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pdh



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Master Geek


#153603 2-Oct-2014 15:44
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Okura is a village at the northern fringe of Auckland. It is close to Long Bay (the most northerly of the East Coast Bays) – being less than 2 km from Long Bay College (as the gull flies).

 

Down by the estuary, the village has some 150 houses on town sections; with newer lifestyle blocks up the valley. Most village houses date from the 70’s or before – and the copper is from this era.

The data connections are laughable – some use Vodafone wireless, some use ADSL, and the results are uniformly terrible – patchy and extremely slow and there’s a waiting list for new connections.

Locals (especially those with business needs) have been seeking improvement for years. About 8 months ago, Vodafone made a pitch for an improved wireless experience – but many who tried it have reverted to landline (terrible as that is).

The mantra from the providers is ‘wait for the Upgrade in 2015’.

Well – according to Chorus’ website, the RBI salvation arriving July 2015-June 2016 will be in the form of 5Mbps – which means copper ADSL. For this to be any better than currently delivered, they must be going to run a new copper line down from the main East Coast Bays Road – or perhaps cross-country from the big new subdivisions at Long Bay – roughly equidistant at about 3 km.

I would expect that most of the cost of running such a new feed would be in the civil works – not the per-metre cost of the cable. If so, running fibre instead of copper to a village cabinet would ensure the village a much happier (data-wise) next 20 years. Note that a central cabinet is less than 410m to every house in Okura village.

Can anyone suggest a way for us to promote this ?
Or, pick holes in my analysis ?
Might the new government’s policy to increase spend on UFB offer us a toehold ?

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  #1145717 2-Oct-2014 15:53
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Your analysis isn't quite correct.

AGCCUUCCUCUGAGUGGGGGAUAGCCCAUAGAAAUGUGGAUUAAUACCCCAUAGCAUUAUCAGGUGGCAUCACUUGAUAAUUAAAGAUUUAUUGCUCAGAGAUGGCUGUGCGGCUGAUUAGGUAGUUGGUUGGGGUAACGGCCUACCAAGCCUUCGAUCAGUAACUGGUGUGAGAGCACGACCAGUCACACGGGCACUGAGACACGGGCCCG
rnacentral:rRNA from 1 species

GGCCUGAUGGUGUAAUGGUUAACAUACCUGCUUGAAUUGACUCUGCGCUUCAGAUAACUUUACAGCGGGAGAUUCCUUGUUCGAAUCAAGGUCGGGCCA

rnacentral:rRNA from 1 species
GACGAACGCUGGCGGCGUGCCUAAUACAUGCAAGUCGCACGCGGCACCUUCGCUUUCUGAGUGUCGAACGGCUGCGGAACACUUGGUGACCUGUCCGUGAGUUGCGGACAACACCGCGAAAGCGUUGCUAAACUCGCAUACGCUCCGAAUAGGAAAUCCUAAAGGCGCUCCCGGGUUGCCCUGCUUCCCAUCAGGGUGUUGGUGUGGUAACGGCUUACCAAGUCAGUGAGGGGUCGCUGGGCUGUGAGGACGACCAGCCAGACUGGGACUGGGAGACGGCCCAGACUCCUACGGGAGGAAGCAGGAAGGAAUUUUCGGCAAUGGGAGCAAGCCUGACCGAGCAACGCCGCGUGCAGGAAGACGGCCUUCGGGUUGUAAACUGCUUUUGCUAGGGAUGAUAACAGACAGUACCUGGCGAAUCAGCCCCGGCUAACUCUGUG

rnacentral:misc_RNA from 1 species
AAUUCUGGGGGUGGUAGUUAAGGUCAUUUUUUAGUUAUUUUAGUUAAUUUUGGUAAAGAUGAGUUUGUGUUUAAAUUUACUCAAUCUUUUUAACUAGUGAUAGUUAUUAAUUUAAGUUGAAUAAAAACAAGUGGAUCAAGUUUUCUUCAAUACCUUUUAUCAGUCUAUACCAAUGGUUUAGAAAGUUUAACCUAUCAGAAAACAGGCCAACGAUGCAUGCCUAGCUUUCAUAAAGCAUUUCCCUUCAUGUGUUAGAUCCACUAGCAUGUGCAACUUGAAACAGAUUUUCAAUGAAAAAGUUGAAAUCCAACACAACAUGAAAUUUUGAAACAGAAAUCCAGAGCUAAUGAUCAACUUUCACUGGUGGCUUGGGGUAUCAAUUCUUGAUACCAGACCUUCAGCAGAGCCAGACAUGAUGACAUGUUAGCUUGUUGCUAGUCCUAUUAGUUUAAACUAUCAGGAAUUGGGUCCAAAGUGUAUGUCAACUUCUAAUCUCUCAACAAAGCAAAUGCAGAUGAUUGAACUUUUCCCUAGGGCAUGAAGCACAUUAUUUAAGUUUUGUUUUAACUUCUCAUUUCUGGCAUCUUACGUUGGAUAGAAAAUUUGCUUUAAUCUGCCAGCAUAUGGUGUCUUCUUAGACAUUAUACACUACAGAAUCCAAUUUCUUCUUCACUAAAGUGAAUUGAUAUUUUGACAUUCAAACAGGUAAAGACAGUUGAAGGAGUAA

RBI cabinets consist of a fibre fed ISAM delivering VDSL2 and ADSL2+ services. Looking at the planned Chorus coverage maps there are two brand new RBI cabinets going into that area, with the entire Okura area falling within a VDSL2 coverage zone.



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  #1145720 2-Oct-2014 15:57
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In short, you'll get speeds competitive with (and in some cases exceeding that of) entry level 30/10 UFB :)

 
 
 
 


pdh



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  #1146011 2-Oct-2014 20:25
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Well, that certainly gives a lift to the day !!!  Thank you sbiddle & behodar.

One of those occasions when I'm very happy to be wrong ;-)

 

Plugging my address into Chorus' 'Network Capability Map', it consults its oracle and says only

 

     "RBI Broadband > 5 Mbps between Jul-2015 and Jun-2016"

 

and elsewhere on the Chorus site it interprets 5 Mbps as below the threshold for VDSL or any better services... so I was expecting pre-ADSL2 broadband - which is an improvement on Okura 2014, but could obviously be better yet. You give me hope it will be.

Now, as I am about to build a new house there, I guess I have to ask how I should provision the Chorus entry point ?

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  #1146067 2-Oct-2014 21:20
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serious question, will iptv be doable on a veal connection? as I am in the same situation of been served by a rbi cabinet.


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  #1146070 2-Oct-2014 21:22
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that should read "vdsl connection".

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  #1146144 2-Oct-2014 22:36
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sbiddle: Your analysis isn't quite correct.

RBI cabinets consist of a fibre fed ISAM delivering VDSL2 and ADSL2+ services. Looking at the planned Chorus coverage maps there are two brand new RBI cabinets going into that area, with the entire Okura area falling within a VDSL2 coverage zone.

Where is this "planned" map? I looked at www.chorus.co.nz/sat but couldn't see anything to do with VDSL planned for Okura?

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  #1146174 2-Oct-2014 23:55
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The full coverage/planned coverage map is only available to chorus customers (ISPs) - you need a username/password to view it

 
 
 
 


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  #1146228 3-Oct-2014 07:20
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johny99: serious question, will iptv be doable on a veal connection? as I am in the same situation of been served by a rbi cabinet.



Define "IPTV"?

IMHO NZ only has one true IPTV offering so far, and that's what Vodafone are offering. While that could technically be delivered over VDSL2 it's not (and can't be), because the wholesale VDSL2 offering doesn't support multicast.